Sunday, June 26, 2011

The Farmers' Market: My Weekly Spiritual Retreat

Every weekend I go to a place where people are happy to be there. They are courteous, smile when they greet each other, and happily share with one another.

No, I am not talking about a weekly trip to a temple, dharma center, or dharma talk (although I well could be!). The joyous place I am referring to is my local farmer's market. Located in the center of Lafayette, the farmer's market I visit is the second largest in Indiana. With vendors selling local, in season fruits and vegetables, meat, fish, honey, crafts, breads and baked goods, and with music playing and people laughing, the atmosphere is carnival-like.

Yet still, it is almost holy. Ever since I started going, I noticed that although many patrons are full of boisterous energy, almost everyone is careful and mindful when choosing produce. They search reverently through the stacks of vegetables and cartons of berries, until they find that perfect bunch of basil or half pint of raspberries, and then proudly turn to the farmer to pay, an exchange which is often accompanied by a few moments of friendly banter.

As I walk through the street that has been cordoned off for the morning, I am amazed at how many people are smiling and so happy to be there. They are also willing to share with one another, which I personally experienced yesterday when I found the most beautiful basket of tart cherries I had ever seen. It was quite a large basket for one person, and it was $7. It was also the last basket. After I paid for my strawberries, I turned to a woman who I had seen also eying the cherries and asked if she would like to split it. She enthusiastically agreed, and after we asked the ladies at the booth, we paid, everyone thanked each other, and the lady and I parted ways with an even half basket of beautiful fresh cherries.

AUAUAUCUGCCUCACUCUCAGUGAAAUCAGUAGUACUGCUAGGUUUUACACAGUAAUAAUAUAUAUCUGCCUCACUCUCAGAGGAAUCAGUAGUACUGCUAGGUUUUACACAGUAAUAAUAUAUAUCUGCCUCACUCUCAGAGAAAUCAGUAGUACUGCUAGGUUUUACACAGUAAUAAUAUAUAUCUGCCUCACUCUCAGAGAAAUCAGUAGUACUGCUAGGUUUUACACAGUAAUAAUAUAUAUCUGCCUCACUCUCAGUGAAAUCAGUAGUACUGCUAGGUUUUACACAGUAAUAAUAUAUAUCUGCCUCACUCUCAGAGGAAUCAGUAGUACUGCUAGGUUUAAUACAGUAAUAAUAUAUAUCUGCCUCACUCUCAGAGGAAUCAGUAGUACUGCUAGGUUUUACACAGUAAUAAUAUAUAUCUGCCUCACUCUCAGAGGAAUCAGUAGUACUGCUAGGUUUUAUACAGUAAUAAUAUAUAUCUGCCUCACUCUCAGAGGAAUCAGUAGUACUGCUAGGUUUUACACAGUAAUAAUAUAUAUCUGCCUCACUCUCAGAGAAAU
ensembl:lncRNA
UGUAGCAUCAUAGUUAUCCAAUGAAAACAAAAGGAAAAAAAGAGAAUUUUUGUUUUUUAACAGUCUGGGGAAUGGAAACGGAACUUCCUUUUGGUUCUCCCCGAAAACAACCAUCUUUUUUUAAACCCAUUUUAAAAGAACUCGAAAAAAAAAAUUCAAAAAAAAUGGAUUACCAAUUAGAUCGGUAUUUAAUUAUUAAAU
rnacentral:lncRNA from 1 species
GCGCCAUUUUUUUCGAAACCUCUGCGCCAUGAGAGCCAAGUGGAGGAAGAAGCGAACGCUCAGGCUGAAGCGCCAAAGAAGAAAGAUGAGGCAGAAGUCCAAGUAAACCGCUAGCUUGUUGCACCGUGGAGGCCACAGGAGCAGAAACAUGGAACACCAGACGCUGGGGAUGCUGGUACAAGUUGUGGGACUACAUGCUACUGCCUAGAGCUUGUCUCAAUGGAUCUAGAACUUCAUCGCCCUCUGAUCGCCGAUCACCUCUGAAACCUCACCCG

For the most part, I don't think that type of exchange would be possible at most conventional grocery stores. With their fluorescent lighting, piped in music, and aisles of processed foods, a typical grocery and farmer's market are worlds away. Not to say that grocery stores are bad, or that one can't have the same type of friendly and meaningful exchanges with the butcher, baker, or produce person. You may get to know them well and, in fact, cherish them greatly. Grocery stores are convenient and are a fixture in modern life, and let's face it, the reason for the aisles of processed foods is because we (as a society) demand it. But the major difference in atmosphere and overall feel cannot be denied. 

So getting back to my weekly market ritual, I just want to say how great it is to wake up, excited to go there, walk from my apartment, arrive and peruse the many vendor's booths for fresh, local produce. From the time I start out until I place the last item on my shelf or in the refrigerator, I am undeniably happy. And I think the same is true for most of the people who attend the market. This is why I strongly believe that in order to be happy, people need to somehow be close to the earth, and connected with their community. Recently I have lamented the fact that spiritual practice is sometimes difficult to reach, but who am I kidding? It is right here, right now, in the simple exchange at a produce stand. This is one of the few places one can immediately see the immense benefit that purchasing something fresh for oneself/family has on another person and their family. How's that for love, compassion, and true spiritual practice?

To find a local farmer's market near you, check out Local Harvest

May all beings be happy!

No comments:

Post a Comment

Thank you so much for taking the time to stop by and leave a comment! If you enjoyed this post, please share with others. -With Metta, Renata

Related Posts Plugin for WordPress, Blogger...